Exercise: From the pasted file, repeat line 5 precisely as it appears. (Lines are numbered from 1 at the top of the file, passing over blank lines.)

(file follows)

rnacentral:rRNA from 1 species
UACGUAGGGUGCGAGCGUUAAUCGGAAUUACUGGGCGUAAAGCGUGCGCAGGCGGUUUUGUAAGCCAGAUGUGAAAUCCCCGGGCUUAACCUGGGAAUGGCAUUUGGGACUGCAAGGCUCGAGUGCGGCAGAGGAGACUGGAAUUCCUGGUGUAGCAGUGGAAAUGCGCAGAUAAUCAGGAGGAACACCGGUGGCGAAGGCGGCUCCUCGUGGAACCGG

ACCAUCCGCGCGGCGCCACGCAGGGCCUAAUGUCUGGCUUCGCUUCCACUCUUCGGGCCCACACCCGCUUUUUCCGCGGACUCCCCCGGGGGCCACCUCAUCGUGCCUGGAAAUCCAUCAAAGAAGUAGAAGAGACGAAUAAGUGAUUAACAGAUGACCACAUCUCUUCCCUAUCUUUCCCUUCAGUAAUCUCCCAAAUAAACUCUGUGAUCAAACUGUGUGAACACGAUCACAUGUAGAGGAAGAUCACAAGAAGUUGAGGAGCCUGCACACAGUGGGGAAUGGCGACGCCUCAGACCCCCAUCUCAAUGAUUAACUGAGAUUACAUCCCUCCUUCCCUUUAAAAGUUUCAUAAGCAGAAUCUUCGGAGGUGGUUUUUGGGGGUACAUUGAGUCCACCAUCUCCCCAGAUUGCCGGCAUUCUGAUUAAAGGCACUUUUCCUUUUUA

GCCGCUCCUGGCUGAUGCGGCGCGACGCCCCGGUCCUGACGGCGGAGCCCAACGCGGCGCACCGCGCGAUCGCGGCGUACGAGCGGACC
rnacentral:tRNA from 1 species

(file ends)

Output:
rnacentral:tRNA from 1 species